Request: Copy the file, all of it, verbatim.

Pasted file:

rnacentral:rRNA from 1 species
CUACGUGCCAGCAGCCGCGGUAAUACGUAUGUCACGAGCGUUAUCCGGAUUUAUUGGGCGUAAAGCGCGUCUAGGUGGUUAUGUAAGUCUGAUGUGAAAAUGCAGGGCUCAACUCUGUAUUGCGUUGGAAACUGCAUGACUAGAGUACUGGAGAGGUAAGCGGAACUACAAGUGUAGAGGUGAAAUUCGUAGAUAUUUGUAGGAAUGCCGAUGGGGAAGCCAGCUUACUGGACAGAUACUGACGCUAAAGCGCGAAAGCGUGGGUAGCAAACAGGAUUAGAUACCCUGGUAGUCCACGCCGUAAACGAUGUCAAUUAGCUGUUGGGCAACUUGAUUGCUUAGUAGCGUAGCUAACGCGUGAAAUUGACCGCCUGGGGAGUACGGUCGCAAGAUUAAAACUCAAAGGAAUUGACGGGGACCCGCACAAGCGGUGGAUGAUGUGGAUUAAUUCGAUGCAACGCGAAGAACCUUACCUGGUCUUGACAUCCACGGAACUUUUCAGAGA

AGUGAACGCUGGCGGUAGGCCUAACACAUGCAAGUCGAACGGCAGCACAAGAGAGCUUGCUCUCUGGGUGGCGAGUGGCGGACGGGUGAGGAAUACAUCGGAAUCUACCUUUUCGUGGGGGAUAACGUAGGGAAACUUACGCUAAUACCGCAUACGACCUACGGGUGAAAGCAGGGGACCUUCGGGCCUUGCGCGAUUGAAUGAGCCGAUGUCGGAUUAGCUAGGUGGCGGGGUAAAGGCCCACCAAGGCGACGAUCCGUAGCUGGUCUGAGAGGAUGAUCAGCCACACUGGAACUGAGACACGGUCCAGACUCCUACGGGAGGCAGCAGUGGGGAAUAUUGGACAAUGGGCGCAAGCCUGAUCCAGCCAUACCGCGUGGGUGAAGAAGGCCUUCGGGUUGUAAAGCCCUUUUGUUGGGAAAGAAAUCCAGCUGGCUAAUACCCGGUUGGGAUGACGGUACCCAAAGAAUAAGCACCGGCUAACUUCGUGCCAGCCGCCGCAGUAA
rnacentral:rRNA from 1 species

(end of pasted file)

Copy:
rnacentral:rRNA from 1 species
CUACGUGCCAGCAGCCGCGGUAAUACGUAUGUCACGAGCGUUAUCCGGAUUUAUUGGGCGUAAAGCGCGUCUAGGUGGUUAUGUAAGUCUGAUGUGAAAAUGCAGGGCUCAACUCUGUAUUGCGUUGGAAACUGCAUGACUAGAGUACUGGAGAGGUAAGCGGAACUACAAGUGUAGAGGUGAAAUUCGUAGAUAUUUGUAGGAAUGCCGAUGGGGAAGCCAGCUUACUGGACAGAUACUGACGCUAAAGCGCGAAAGCGUGGGUAGCAAACAGGAUUAGAUACCCUGGUAGUCCACGCCGUAAACGAUGUCAAUUAGCUGUUGGGCAACUUGAUUGCUUAGUAGCGUAGCUAACGCGUGAAAUUGACCGCCUGGGGAGUACGGUCGCAAGAUUAAAACUCAAAGGAAUUGACGGGGACCCGCACAAGCGGUGGAUGAUGUGGAUUAAUUCGAUGCAACGCGAAGAACCUUACCUGGUCUUGACAUCCACGGAACUUUUCAGAGA

AGUGAACGCUGGCGGUAGGCCUAACACAUGCAAGUCGAACGGCAGCACAAGAGAGCUUGCUCUCUGGGUGGCGAGUGGCGGACGGGUGAGGAAUACAUCGGAAUCUACCUUUUCGUGGGGGAUAACGUAGGGAAACUUACGCUAAUACCGCAUACGACCUACGGGUGAAAGCAGGGGACCUUCGGGCCUUGCGCGAUUGAAUGAGCCGAUGUCGGAUUAGCUAGGUGGCGGGGUAAAGGCCCACCAAGGCGACGAUCCGUAGCUGGUCUGAGAGGAUGAUCAGCCACACUGGAACUGAGACACGGUCCAGACUCCUACGGGAGGCAGCAGUGGGGAAUAUUGGACAAUGGGCGCAAGCCUGAUCCAGCCAUACCGCGUGGGUGAAGAAGGCCUUCGGGUUGUAAAGCCCUUUUGUUGGGAAAGAAAUCCAGCUGGCUAAUACCCGGUUGGGAUGACGGUACCCAAAGAAUAAGCACCGGCUAACUUCGUGCCAGCCGCCGCAGUAA
rnacentral:rRNA from 1 species